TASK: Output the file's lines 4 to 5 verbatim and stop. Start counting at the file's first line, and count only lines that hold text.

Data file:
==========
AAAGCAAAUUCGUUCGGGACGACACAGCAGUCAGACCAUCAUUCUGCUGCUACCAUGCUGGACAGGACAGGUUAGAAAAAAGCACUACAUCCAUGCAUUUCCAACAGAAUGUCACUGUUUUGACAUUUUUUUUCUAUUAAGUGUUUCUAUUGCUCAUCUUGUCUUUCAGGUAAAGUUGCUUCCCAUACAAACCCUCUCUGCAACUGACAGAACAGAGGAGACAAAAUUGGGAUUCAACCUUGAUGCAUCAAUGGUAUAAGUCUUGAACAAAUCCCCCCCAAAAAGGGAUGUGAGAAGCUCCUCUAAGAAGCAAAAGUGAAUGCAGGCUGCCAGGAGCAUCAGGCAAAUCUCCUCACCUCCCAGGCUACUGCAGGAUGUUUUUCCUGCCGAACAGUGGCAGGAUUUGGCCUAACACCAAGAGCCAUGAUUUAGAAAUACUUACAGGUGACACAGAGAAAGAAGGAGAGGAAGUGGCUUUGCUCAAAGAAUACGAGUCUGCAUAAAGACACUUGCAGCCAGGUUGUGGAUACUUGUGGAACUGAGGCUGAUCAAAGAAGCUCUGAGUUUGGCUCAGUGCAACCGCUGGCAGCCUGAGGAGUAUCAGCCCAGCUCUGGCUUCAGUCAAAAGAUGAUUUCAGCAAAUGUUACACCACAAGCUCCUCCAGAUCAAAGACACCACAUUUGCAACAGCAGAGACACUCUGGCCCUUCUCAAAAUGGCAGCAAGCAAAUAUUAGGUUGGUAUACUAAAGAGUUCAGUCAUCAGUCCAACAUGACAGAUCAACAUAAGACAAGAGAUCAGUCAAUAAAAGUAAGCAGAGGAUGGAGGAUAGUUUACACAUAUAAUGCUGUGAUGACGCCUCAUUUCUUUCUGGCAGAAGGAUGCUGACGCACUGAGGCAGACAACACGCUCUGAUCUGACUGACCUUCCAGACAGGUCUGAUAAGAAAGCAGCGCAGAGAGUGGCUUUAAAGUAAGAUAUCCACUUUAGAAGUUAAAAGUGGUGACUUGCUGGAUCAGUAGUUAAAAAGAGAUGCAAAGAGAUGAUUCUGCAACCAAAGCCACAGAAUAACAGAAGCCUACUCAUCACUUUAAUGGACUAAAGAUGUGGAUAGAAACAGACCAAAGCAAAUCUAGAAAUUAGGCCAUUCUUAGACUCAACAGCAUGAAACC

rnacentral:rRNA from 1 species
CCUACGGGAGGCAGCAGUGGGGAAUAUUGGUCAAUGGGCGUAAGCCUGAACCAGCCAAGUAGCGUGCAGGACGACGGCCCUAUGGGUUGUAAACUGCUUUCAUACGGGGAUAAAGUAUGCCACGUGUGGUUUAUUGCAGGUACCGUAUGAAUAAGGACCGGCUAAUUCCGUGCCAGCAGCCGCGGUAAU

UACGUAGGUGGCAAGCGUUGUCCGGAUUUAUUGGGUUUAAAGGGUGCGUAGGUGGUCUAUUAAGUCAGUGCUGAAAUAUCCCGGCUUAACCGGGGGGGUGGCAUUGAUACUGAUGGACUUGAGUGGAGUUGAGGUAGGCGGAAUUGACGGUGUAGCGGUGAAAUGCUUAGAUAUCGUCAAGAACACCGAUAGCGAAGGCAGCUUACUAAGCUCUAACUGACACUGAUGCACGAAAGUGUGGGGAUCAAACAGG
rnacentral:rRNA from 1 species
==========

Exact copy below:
UACGUAGGUGGCAAGCGUUGUCCGGAUUUAUUGGGUUUAAAGGGUGCGUAGGUGGUCUAUUAAGUCAGUGCUGAAAUAUCCCGGCUUAACCGGGGGGGUGGCAUUGAUACUGAUGGACUUGAGUGGAGUUGAGGUAGGCGGAAUUGACGGUGUAGCGGUGAAAUGCUUAGAUAUCGUCAAGAACACCGAUAGCGAAGGCAGCUUACUAAGCUCUAACUGACACUGAUGCACGAAAGUGUGGGGAUCAAACAGG
rnacentral:rRNA from 1 species